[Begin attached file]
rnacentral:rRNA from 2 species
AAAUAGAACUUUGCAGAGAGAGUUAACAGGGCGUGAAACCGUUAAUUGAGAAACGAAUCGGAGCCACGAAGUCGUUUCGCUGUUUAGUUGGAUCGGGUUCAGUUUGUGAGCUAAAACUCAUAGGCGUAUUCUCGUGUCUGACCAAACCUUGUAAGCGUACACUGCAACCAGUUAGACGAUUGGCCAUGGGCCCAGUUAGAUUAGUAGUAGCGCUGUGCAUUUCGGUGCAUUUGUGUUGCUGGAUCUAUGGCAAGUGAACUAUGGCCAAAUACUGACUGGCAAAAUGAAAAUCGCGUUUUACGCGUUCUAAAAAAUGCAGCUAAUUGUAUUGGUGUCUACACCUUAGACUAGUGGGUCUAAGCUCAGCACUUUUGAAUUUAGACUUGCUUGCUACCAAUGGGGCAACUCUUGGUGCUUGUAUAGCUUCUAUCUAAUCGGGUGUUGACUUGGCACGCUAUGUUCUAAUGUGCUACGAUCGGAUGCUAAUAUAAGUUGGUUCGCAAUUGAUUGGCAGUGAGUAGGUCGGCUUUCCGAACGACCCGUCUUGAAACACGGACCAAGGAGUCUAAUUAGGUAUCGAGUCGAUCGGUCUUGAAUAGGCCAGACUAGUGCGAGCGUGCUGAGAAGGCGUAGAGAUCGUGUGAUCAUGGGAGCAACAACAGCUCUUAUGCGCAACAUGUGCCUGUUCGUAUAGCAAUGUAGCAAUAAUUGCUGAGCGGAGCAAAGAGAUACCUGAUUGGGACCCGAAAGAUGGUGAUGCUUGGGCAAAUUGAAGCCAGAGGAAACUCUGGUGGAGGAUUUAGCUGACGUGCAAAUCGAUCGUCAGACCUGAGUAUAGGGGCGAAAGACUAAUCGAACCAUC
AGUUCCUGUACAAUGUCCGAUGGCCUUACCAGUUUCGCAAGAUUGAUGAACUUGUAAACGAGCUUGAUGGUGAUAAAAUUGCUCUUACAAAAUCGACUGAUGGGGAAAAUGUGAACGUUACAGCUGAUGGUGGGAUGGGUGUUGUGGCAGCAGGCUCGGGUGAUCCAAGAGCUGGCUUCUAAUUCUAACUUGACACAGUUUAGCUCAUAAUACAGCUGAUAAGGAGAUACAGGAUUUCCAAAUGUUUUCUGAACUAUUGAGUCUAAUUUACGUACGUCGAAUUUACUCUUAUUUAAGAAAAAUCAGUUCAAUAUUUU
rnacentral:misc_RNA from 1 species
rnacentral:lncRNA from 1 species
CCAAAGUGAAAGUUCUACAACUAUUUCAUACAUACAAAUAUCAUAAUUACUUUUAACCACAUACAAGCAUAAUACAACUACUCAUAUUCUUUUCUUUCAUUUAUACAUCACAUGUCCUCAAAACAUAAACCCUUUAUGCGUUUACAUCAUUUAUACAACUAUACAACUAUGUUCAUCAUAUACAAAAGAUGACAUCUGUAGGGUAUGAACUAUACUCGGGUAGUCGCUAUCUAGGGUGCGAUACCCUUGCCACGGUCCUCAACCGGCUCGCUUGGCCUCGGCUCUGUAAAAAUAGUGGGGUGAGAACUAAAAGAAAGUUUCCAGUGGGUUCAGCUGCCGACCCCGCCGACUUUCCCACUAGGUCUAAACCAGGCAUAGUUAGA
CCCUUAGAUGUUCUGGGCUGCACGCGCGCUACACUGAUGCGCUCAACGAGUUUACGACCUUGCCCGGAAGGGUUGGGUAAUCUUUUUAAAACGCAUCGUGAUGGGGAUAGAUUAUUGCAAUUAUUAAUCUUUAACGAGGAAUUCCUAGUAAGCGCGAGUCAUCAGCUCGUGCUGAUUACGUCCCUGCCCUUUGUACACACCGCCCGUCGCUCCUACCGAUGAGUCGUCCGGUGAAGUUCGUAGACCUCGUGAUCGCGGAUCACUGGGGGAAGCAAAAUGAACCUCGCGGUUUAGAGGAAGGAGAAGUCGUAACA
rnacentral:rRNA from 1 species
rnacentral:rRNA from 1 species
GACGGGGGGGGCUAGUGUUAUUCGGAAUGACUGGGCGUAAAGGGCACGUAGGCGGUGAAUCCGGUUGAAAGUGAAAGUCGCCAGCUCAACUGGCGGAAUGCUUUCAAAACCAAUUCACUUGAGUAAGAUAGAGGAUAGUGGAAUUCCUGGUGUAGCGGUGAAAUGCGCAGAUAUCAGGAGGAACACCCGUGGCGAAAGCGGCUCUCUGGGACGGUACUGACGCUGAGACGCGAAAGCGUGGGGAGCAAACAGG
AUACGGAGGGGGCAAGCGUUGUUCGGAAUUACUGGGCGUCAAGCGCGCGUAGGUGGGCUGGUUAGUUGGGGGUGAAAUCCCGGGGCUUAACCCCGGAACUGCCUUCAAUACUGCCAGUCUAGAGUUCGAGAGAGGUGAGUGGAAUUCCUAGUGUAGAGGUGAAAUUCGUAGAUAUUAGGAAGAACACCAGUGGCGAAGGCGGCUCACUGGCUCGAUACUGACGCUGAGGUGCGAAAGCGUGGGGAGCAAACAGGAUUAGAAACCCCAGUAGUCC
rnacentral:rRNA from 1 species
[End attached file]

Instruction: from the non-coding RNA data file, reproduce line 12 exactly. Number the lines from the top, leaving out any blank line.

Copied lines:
rnacentral:rRNA from 1 species